This certainly shows in this book; fluently written, it is witty, well thought out and filled with interesting facts and sensible arguments. Echols’ writing talent is evident and hopefully he will employ this skill in future books.
The 2011 Egyptian revolution has undoubtedly sparked more art, expression, creativity and literature than Egypt has seen in the past thirty odd years. While some have been inspiring, some have also choked the revolution to the point of boredom. It is with absolute relief and delight to say that the Liberation Square: Inside the Egyptian Revolution and the Rebirth of a Nation by Ashraf Khalil is not of the latter.
An Egyptian-American journalist and writer based in Egypt for the past fifteen years, Khalil has been a correspondent for the likes of Los Angeles Times, The Times and The Economist. For his first book, Khalil has framed the revolution into an entertaining and educational read.
Khalil divides the book into twenty parts, including the
prologue and epilogue. Starting at the beginning of all that has lead to our
current situation; Khalil sheds light on the sequence of events and essentially
how and why everything came to be. The rise of Mubarak after Sadat’s assassination
is where the story begins, and Khalil moves chronologically through Egypt's history, leading up to today.
Moving through the chapters, the reader is given a very clear and precise account of everything that aided the revolution and added to its necessity, such as the Kefaya movement’s development and Khaled Said’s monstrous death. It’s informative, easy to read and, above all, engaging. Khalil voices a very genuine and truthful angle to events; his sources and references are directly from the people involved and paints a sincere picture. His accounts are often quite moving, where you find yourself smiling at the memory of an event or touched by the humanness that prevailed over much of the revolution.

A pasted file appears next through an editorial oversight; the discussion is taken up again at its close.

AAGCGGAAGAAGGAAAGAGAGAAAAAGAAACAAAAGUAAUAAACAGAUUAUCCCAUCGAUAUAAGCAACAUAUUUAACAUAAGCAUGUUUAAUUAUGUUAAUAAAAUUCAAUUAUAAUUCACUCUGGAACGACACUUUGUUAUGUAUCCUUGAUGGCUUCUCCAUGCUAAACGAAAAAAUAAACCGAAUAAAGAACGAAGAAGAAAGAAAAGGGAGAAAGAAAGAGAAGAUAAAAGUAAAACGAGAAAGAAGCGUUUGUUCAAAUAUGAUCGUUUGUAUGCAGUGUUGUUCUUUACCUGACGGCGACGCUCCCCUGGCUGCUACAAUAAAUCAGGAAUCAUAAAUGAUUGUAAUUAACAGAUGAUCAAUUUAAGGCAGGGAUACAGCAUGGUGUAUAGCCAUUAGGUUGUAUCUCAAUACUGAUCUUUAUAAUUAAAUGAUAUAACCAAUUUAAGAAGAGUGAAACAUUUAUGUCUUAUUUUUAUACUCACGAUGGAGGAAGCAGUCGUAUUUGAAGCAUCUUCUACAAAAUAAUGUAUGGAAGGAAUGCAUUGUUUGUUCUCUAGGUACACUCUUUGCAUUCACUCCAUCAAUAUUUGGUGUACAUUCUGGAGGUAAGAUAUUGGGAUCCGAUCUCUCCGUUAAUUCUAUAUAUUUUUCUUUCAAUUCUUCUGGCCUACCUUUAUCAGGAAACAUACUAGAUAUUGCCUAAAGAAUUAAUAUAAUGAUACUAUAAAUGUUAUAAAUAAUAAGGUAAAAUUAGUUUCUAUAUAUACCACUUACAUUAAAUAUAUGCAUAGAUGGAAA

This is what’s most enjoyable about this book. It highlights the beauty in the uprising, the human hope and the undeniable warmth of the Egyptian people. While he retells events that are simply unjust and frustrating, the story being told is bigger than that. It's a thoughtful representation and description of the movement and is told from a view point most revolutionaries would relate to.
Details that we either are unaware of, or have simply disregarded and forgotten, are given in relation to Mubarak and his rise to power. The fact that he was somewhat of a joke to the Egyptian people prior to his presidency, where he was regarded as complacent and uncharismatic, is an aspect most of the younger generation isn’t plainly aware of.
For anyone interested in getting to know the Egyptian revolution and how it actually played out down to the smallest details and side stories (which are not only relevant but highly interesting), Liberation Square is a highly recommendable read.